Regional Authority not unreasonable in approach to Council’s earthworks activity
Local Authority constructed walkway—Regional Authority took reasonable action against Council—whether application for resource consent should have been notified
A complaint was received about the actions of a Regional Council in relation to work carried out by the local District Council to construct a walkway around a lake. The work had exceeded the maximum exposed area permitted for small scale earthworks in a riparian management zone and so required resource consent.
The complainant was concerned that the Regional Authority had failed to take enforcement action against the District Council when it was discovered that the first half of the walkway had been constructed without obtaining resource consent. The Ombudsman considered that the Regional Authority had not acted unreasonably because when it became aware that the work had exceeded the maximum area, it immediately conducted a site visit and served an abatement notice on the District Council. Whether the Regional Authority should have taken any further steps was a matter for that agency to determine. In passing, the Ombudsman noted that given the District Council complied with the abatement notice, there appeared to be no basis for the Regional Authority to seek an enforcement order.
The Ombudsman did not agree with the complainant that it had been unreasonable for the District Council to commence work without a resource consent being issued because the earthwork was a ‘permitted activity’ under section 9 of the Resource Management Act and the Regional Plan, until it exceeded the disturbance limits of the regional plan.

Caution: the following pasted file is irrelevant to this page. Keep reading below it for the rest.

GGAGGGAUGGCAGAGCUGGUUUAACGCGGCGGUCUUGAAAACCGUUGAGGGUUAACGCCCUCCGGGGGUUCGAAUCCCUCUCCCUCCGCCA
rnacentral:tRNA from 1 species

The complainant was also concerned that when the resource consent was later sought, the Regional Authority considered that public notification was not required. The Ombudsman considered that the Regional Authority did not act unreasonably in this respect. This was because resource consent was required to be considered under the regional plan as a discretionary (restricted) activity and the plan allowed the resource consent application to be considered without notification of the need to obtain written approval from affected parties. The regional authority still had a discretion to require notification in special circumstances, but in this case, concluded that there were no special circumstances justifying public notification. The Ombudsman agreed with the Authority in this respect and noted the Authority had no ability under the regional plan to determine whether the walkway should be constructed or the method of construction.
The complaint was not sustained.
This case note is published under the authority of the Ombudsmen Rules 1989. It sets out an Ombudsman’s view on the facts of a particular case. It should not be taken as establishing any legal precedent that would bind an Ombudsman in future.